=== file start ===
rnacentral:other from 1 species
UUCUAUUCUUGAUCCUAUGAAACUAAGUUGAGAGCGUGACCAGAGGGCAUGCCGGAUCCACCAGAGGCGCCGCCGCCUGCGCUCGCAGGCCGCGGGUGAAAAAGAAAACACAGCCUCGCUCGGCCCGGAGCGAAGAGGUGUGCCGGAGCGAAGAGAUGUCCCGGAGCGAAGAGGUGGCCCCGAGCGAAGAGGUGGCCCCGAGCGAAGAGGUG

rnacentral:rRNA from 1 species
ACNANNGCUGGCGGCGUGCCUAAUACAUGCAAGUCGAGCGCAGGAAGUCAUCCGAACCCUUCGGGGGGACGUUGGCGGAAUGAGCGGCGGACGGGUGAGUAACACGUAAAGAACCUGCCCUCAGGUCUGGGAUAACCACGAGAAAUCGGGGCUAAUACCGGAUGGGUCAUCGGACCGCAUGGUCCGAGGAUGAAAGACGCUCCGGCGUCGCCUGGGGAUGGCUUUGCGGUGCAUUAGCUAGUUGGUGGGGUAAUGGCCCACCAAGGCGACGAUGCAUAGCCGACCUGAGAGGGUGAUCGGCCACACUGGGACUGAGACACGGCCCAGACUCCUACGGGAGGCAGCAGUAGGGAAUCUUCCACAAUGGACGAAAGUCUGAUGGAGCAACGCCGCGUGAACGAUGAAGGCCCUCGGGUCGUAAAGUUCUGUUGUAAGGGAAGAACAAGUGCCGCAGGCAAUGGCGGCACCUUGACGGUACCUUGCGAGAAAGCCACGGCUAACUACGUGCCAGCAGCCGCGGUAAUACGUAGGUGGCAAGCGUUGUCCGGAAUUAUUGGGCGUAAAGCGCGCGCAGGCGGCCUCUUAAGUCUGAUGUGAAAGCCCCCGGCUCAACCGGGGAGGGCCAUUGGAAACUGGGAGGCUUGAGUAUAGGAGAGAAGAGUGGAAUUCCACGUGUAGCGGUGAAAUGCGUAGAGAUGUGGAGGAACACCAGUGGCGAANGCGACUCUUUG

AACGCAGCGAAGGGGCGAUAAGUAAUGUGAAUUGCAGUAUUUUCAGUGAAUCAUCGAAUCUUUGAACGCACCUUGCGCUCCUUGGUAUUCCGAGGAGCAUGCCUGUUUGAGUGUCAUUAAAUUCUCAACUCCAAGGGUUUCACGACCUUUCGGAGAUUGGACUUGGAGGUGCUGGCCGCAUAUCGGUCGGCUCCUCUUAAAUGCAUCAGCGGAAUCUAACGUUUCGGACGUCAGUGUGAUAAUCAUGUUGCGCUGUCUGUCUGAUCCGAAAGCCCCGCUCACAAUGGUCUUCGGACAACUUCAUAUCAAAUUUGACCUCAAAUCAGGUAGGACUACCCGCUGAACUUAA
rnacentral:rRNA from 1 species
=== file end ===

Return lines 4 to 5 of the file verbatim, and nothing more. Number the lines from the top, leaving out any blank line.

ACNANNGCUGGCGGCGUGCCUAAUACAUGCAAGUCGAGCGCAGGAAGUCAUCCGAACCCUUCGGGGGGACGUUGGCGGAAUGAGCGGCGGACGGGUGAGUAACACGUAAAGAACCUGCCCUCAGGUCUGGGAUAACCACGAGAAAUCGGGGCUAAUACCGGAUGGGUCAUCGGACCGCAUGGUCCGAGGAUGAAAGACGCUCCGGCGUCGCCUGGGGAUGGCUUUGCGGUGCAUUAGCUAGUUGGUGGGGUAAUGGCCCACCAAGGCGACGAUGCAUAGCCGACCUGAGAGGGUGAUCGGCCACACUGGGACUGAGACACGGCCCAGACUCCUACGGGAGGCAGCAGUAGGGAAUCUUCCACAAUGGACGAAAGUCUGAUGGAGCAACGCCGCGUGAACGAUGAAGGCCCUCGGGUCGUAAAGUUCUGUUGUAAGGGAAGAACAAGUGCCGCAGGCAAUGGCGGCACCUUGACGGUACCUUGCGAGAAAGCCACGGCUAACUACGUGCCAGCAGCCGCGGUAAUACGUAGGUGGCAAGCGUUGUCCGGAAUUAUUGGGCGUAAAGCGCGCGCAGGCGGCCUCUUAAGUCUGAUGUGAAAGCCCCCGGCUCAACCGGGGAGGGCCAUUGGAAACUGGGAGGCUUGAGUAUAGGAGAGAAGAGUGGAAUUCCACGUGUAGCGGUGAAAUGCGUAGAGAUGUGGAGGAACACCAGUGGCGAANGCGACUCUUUG

AACGCAGCGAAGGGGCGAUAAGUAAUGUGAAUUGCAGUAUUUUCAGUGAAUCAUCGAAUCUUUGAACGCACCUUGCGCUCCUUGGUAUUCCGAGGAGCAUGCCUGUUUGAGUGUCAUUAAAUUCUCAACUCCAAGGGUUUCACGACCUUUCGGAGAUUGGACUUGGAGGUGCUGGCCGCAUAUCGGUCGGCUCCUCUUAAAUGCAUCAGCGGAAUCUAACGUUUCGGACGUCAGUGUGAUAAUCAUGUUGCGCUGUCUGUCUGAUCCGAAAGCCCCGCUCACAAUGGUCUUCGGACAACUUCAUAUCAAAUUUGACCUCAAAUCAGGUAGGACUACCCGCUGAACUUAA